Early Cipher Machines

By the 15th century, both cryptography and cryptoanalysis were in widespread use throughout Europe, especially in diplomatic communications. Except for the scytale, all of the encryption techniques required manual computations typically aided by writing down the tables. In addition, all of the substitution algorithms were monoalphabetic where each letter was mapped to only one other letter. This was changed by Leon Battista Alberti (1404-1472) when he developed a cipher machine for mechanical encryption [Fig. 2]. The machine is based on the Caesar cipher algorithm. During the 1460's, while walking through the gardens of the Vatican, Leon Alberti had a casual conversation about cryptography with the pontifical secretary, Leonardo Dato. Alberti developed and published the first polyalphabetic cipher and designed a cipher disk to simplify the process.  Cryptography historian David Kahn titles him the "Father of Western Cryptography", pointing to three significant advances in the field which can be attributed to Alberti: "the earliest Western exposition of cryptanalysis, the invention of polyalphabetic substitution, and the invention of enciphered code" [Wikpedia].



Fig. 2 – Alberti cipher disk [Higgs, 17]


Alberti described his invention:

"I make two circles out of copper plates. One, the larger, is called stationary, the smaller is called movable. The diameter of the stationary plate is one-ninth greater than that of the movable plate. I divide the circumference of each circle into 24 equal parts [called] cells. In the various cells of the larger circle I write the capital letters, one at a time in red, in the usual order of the letters [whilst those around the movable circle are] not in regular order like the stationary characters, but scattered at random. [I then] place the smaller circle upon the larger so that a needle driven through the centres of both may serve as the axis of both and the movable plate may be revolved around it." (Alberti, "Trattati in Cifra", 1470, cited in Kahn, 1996, pp127-128.)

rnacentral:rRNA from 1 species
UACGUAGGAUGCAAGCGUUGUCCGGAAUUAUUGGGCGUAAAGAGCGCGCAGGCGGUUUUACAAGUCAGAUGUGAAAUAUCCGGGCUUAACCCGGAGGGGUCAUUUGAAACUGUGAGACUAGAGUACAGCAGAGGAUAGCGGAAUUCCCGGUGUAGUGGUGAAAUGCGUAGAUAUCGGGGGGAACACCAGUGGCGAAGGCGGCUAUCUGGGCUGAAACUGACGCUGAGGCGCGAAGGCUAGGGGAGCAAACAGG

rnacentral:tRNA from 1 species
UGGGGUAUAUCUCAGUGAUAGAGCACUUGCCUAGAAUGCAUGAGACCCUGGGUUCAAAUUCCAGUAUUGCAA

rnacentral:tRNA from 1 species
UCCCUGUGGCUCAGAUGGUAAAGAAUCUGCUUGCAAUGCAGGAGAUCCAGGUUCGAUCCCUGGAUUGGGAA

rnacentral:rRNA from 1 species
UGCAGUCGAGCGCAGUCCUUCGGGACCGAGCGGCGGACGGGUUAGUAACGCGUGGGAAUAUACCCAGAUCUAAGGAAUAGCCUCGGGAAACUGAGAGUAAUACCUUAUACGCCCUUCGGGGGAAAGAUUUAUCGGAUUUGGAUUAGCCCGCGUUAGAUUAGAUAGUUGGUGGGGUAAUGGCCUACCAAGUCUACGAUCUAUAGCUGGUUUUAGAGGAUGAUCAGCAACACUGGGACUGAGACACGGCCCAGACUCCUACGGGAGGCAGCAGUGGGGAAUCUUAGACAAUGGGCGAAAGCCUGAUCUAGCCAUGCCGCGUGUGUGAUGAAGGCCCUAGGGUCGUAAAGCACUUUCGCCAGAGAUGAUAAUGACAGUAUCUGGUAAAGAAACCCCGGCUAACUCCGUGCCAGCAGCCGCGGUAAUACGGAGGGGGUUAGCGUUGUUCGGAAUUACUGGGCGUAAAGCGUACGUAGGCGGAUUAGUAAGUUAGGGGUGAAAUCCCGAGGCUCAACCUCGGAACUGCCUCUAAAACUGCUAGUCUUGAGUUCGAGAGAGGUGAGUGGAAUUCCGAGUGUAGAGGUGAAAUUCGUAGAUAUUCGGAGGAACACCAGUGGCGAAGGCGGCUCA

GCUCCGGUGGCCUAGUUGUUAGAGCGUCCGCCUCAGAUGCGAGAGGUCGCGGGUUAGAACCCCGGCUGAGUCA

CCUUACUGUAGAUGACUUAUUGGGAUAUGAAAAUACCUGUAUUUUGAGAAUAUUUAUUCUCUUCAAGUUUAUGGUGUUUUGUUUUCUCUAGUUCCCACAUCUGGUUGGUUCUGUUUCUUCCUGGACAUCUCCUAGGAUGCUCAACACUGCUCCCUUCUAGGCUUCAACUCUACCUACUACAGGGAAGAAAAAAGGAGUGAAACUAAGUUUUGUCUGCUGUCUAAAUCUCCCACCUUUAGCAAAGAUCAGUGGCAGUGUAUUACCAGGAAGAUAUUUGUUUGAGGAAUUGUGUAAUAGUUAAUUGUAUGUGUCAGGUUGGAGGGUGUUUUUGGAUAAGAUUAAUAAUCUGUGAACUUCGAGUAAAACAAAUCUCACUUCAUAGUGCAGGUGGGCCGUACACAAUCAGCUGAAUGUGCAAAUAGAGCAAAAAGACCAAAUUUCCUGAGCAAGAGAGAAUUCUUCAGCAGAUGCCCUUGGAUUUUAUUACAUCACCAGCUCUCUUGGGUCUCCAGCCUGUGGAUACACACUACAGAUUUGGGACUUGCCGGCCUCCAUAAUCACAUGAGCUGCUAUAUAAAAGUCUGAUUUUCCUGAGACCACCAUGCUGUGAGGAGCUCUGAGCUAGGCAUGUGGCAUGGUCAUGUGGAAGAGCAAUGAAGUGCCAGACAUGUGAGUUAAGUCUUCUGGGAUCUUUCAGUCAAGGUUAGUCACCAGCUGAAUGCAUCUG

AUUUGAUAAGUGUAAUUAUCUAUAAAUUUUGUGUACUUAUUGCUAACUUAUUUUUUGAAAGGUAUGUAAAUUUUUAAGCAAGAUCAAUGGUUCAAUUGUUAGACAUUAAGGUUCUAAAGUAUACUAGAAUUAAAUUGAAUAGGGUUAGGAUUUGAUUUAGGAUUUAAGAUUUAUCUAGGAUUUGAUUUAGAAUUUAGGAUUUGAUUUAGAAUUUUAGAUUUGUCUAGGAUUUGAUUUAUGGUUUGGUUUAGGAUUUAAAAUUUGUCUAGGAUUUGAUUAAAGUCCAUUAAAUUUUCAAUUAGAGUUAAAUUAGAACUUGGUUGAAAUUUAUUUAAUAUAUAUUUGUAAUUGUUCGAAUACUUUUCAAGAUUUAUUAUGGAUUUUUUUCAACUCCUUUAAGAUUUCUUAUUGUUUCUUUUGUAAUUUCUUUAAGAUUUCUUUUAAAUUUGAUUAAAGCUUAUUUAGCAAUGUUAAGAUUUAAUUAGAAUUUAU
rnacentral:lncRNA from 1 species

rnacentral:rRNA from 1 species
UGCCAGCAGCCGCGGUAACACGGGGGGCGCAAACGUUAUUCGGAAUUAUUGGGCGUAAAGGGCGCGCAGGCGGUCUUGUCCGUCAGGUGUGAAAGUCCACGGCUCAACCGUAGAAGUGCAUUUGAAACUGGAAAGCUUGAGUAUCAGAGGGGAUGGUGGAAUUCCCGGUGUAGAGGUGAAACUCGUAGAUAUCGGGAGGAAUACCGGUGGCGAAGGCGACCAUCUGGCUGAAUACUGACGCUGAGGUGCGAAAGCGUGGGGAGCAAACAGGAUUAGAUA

Alberti then explained how he introduced "polyalphabetic substitution cipher" using his cipher disk:
"After writing three or four words, I shall change the position of the index in our formula by turning the circle, so that the index k may be, say, under D [] and all the other stationary letters [] will receive new meanings." (Alberti, "Trattati in Cifra", 1470, cited in Kahn, 1996, pp128-129.)
In 1586, Blaise de Vigenère (1523-1596) wrote a book on ciphers that described the Vigenère polyalphabetic algorithm. This method uses different monoalphabetic encryptions selected from a Vigenère square (Table 2) using a keyword. The keyword and Vigenère are shared between the sender and receiver of the encrypted message. Without the keyword you cannot define which cipher character belongs to the according plaintext character. You can use any agreed upon keyword you want.

For demonstrating the encryption method we choose the keyword "cipher" and use it with the plaintext we want to encrypt.

Keyword: CIPHERCIPHE  Plaintext: encrypt this!

Ciphertext: GVRYC GVBWP W


For getting this result you need to find the ciphertext letter in the matrix according to the x-axis (e) and the y-axis (C). The result is obviously G.

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Table 2 - Vigenère square
In the late-1790s, Thomas Jefferson built a polyalphabetic substitution wheel cipher machine [Fig. 3]. The wheel consists of 26 wooden disks threaded onto a spindle. Each disk can be turned separately and contains a scrambled alphabet inscribed on it. To encrypt a message, you would line up all of the letters of the plaintext message. Then select one of the other rows of letters and copy that as the encrypted message. The recipient of the encrypted message would need a similar device. The recipient would line up all of the letters of the encrypted message and then look for a row that has meaningful words in it. The major disadvantage to the wheel cipher machine is that a copy of the machine has to be distributed to everyone who will be receiving messages. Ironically, a French cryptologist devised a similar device in 1890, and the U.S. Army introduced an electrical version prior to World War I that was used until the early 1940s.

Figure 3 – Jefferson Cylinder



The Wheatstone Cryptograph (Fig. 4), originally invented by Wadsworth in 1817, but developed by Wheatstone in 1860's, comprised two concentric wheels with two hands. When the larger hand pointed to the plaintext letter, the smaller hand would point to its cipher equivalent. Because of the way the gears were arranged, the smaller hand would change after each letter was encrypted. This was used to generate a polyalphabetic cipher.